Memorandum of Conversation, by the Secretary of State9

During the call of Mexico’s Secretary of the Treasury10 and the Ambassador,11 I brought up the land seizure question and, after expressing lasting friendship and interest, said that we were in entire sympathy with any program to distribute lands among the peasants; that as friends and neighbors we were encouraging the same thing in Cuba; and that we had no sympathy with people from other countries going into Mexico and fleecing the Mexican people by any sort of method. I said that any foreigner going there and purchasing properties [Page 606] for a trifle and later expecting the Mexican Government to pay large amounts therefor, comparatively speaking, was without any sympathy so far as I was aware or concerned; that the only real question arising was whether it was possible for the Mexican Government—when some citizen from this country, in good faith and in a spirit of good will towards Mexico, had gone there and in a perfectly honest manner purchased lands or other properties with no plan or purpose to make undue or unreasonable profits or, as stated, to fleece the Mexicans, but solely with a view to fair play and fair dealing—to determine what would be reasonable and just in the way of compensation when properties were thus taken; if so, that it would be much appreciated by this Government and would enable us to be much more helpful to the Mexican Government and the Mexican people than we otherwise would be able in the future.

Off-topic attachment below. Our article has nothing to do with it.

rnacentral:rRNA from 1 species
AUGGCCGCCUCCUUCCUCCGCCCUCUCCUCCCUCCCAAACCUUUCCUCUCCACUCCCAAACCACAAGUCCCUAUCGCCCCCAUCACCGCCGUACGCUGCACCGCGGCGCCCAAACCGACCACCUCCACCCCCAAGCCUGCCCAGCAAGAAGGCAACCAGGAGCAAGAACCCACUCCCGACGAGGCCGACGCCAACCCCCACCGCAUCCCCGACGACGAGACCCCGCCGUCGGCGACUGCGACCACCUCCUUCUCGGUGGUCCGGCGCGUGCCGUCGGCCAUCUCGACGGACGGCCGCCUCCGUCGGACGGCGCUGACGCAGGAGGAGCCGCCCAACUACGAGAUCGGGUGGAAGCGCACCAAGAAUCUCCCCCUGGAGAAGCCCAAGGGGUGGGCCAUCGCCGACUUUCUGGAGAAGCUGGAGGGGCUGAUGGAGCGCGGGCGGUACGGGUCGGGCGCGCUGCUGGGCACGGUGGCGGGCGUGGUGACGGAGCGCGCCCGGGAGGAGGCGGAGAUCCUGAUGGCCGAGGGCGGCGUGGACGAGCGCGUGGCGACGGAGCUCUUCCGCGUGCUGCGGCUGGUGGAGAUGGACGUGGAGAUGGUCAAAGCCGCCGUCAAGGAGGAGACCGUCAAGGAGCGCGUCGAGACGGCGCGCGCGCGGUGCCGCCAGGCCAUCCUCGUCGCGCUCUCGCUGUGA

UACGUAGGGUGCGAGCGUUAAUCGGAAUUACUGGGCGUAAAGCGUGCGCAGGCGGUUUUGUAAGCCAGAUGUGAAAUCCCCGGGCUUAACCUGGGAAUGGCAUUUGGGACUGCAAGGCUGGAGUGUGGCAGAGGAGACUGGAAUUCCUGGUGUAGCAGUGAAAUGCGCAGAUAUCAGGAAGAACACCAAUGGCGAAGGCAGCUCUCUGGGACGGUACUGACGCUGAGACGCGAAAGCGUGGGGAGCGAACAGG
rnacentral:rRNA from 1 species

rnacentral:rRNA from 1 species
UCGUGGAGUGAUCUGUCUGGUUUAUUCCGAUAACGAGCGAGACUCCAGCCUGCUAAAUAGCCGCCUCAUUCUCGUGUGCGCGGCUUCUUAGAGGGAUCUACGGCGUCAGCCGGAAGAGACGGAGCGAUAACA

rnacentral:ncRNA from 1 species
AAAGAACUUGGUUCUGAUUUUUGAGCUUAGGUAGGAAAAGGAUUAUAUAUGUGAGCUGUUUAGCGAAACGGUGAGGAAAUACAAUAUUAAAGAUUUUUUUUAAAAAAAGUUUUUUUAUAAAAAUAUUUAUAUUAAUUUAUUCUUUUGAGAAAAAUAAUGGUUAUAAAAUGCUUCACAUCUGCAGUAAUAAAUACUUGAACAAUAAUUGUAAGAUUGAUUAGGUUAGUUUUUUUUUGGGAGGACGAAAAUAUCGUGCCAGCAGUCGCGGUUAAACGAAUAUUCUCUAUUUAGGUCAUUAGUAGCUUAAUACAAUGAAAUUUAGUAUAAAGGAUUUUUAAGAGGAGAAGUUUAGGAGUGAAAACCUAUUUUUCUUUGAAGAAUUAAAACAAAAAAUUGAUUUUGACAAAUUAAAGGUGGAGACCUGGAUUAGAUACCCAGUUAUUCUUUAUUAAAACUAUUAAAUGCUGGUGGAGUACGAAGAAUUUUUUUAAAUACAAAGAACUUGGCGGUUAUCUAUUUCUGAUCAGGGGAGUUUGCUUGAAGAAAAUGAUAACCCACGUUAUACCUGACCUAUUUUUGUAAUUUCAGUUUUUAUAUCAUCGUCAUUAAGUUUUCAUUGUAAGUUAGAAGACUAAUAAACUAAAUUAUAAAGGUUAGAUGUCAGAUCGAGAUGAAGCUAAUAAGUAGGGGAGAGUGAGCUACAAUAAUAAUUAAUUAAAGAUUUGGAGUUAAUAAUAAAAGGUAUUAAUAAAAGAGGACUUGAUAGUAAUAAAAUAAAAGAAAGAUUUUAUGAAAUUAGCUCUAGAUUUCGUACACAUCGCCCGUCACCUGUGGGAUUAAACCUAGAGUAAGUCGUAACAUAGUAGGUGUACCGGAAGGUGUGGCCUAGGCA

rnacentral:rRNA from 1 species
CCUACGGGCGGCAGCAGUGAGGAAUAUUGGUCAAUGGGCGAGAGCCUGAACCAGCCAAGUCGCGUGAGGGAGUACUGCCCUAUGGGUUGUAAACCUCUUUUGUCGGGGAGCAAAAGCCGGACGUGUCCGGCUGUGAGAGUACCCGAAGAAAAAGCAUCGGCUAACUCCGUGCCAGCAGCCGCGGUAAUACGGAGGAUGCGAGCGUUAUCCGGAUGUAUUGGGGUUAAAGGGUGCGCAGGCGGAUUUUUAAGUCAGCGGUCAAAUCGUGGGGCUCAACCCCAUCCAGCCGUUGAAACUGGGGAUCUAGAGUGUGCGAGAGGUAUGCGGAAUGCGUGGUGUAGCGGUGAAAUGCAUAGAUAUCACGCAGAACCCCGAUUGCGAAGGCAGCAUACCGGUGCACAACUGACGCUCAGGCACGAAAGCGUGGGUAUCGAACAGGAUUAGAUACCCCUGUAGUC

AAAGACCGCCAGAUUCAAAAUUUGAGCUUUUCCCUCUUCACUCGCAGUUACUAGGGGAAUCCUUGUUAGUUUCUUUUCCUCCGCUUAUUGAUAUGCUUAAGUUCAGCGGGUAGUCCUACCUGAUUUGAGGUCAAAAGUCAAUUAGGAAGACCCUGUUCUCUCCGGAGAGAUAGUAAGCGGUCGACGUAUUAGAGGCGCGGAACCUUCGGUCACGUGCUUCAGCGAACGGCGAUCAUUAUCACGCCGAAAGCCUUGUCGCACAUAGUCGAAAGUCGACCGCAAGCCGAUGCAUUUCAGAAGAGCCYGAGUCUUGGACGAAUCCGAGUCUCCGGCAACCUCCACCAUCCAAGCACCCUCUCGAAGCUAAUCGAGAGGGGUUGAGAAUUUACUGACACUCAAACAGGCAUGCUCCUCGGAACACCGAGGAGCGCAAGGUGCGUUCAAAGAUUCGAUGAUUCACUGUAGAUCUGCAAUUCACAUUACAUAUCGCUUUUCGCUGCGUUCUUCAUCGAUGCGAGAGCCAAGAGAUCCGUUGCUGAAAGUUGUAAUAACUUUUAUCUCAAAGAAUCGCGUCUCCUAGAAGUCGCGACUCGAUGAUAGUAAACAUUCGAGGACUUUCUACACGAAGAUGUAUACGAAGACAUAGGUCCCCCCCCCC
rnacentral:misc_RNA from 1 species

The Secretary of the Treasury promptly replied that he understood and appreciated this viewpoint and that they were undertaking to work to this end. He repeated it with emphasis.

C[ordell] H[ull]
  1. This memorandum, together with one on the Pan American Highway (not printed), was sent to the Ambassador in Mexico under cover of a personal letter dated April 25, 1937 (not printed). “With respect to the agrarian claims”, Secretary Hull wrote, “you will understand that our conversation was informal. Bach case arising will, of course, require careful consideration of all the pertinent facts.”
  2. Eduardo Suarez.
  3. Dr. Francisco Castillo Nájera.